Well, fair enough. I think campaigning is really important. We sometimes call it surround sound. So we don't want to have somebody just get one message in one channel and expect that they're going to do what we want them to do next. We want them to see it in their LinkedIn feed, see it in their email, see an ad, see something else and find their way to some awareness and maybe enough activity and engagement that we can say to somebody in sales, "Hey, somebody over here at XYZ chemicals looks like a really good fit. We should be reaching out." I think it's really interesting. I think that certainly as a salesperson in a sales role, I've used gifting in different ways. And the idea that we could scale gifting, scale those touch points is interesting to me. I haven't had a chance to get a client to do it, but I think it would be good, especially for folks that are trying to reach a lot of people.
Yeah, I'm such a feely marketer. I feel like I've had really amazing experiences with advocacy creation. That's obviously more on the customer side, but it completely sold me on the impact that gifting can make. It really does stop you. And I'm not talking about a Starbucks gift card. It's not quid pro quo. The company mission that we talk about is really about recognizing somebody. And it's not, it's like, "Yeah, do we want a meeting?" Of course we want an opportunity. "Oh no, we're actually sending you this because you just had a baby, congratulations. You just had a promotion, congratulations." Recognizing moments in people's lives and giving them an opportunity to just stop and be like, "Oh wow, this did happen. I'm appreciating this moment. I'm appreciating this thoughtfulness."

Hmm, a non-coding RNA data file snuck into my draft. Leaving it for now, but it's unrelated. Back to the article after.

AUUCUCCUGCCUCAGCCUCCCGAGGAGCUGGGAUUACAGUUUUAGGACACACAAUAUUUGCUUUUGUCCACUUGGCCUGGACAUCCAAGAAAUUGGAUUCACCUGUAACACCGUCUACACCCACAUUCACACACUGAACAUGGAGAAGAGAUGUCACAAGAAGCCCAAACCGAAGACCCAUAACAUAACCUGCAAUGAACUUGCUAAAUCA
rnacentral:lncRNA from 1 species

And connection and human connection, it's something that can't be measured. It can't be replicated with a robot. I'm all for modernization of technology, but human connection cannot be done anywhere else outside of human. And I don't believe we're going to ever lose that touch point, especially in the world that we live in of digital everything, it really has the opportunity to change someone's day.
And of course we have numbers behind this. We've got guaranteed ROI. We're talking about massive impacts to the business, massive impacts with pipeline. Conversations that you've been ghosted on like 200% increase in your connection rate. So it works, but it also gets to deliver a moment of recognition for somebody.
That's very cool. Well, thank you. And if people want to reach you and talk ABM or learn more about Reachdesk, how can somebody get a hold of you?
I'd say LinkedIn is always the best bet for me, reaching out on my LinkedIn profile.
Excellent. Likewise here. You were a great guest, Amber. Thank you so very much. If people want to reach me also on LinkedIn, LinkedIn/in/kenlempit, or our website, austinlawrence.com. If you haven't already subscribed to the podcast, please do so wherever podcasts are distributed. And thanks again, Amber, for a great episode. It was fun to connect with you.
Thanks for listening to the SaaS Backwards podcast brought to you by Austin Lawrence Group. We are a growth marketing agency that helps SaaS firms reduce churn, accelerate sales, and generate demand. Learn more about us at www.austinlawrence.com. You can email Ken Lempit at email@example.com about any SaaS marketing or customer retention subject. We hope you'll subscribe, and thanks again for listening.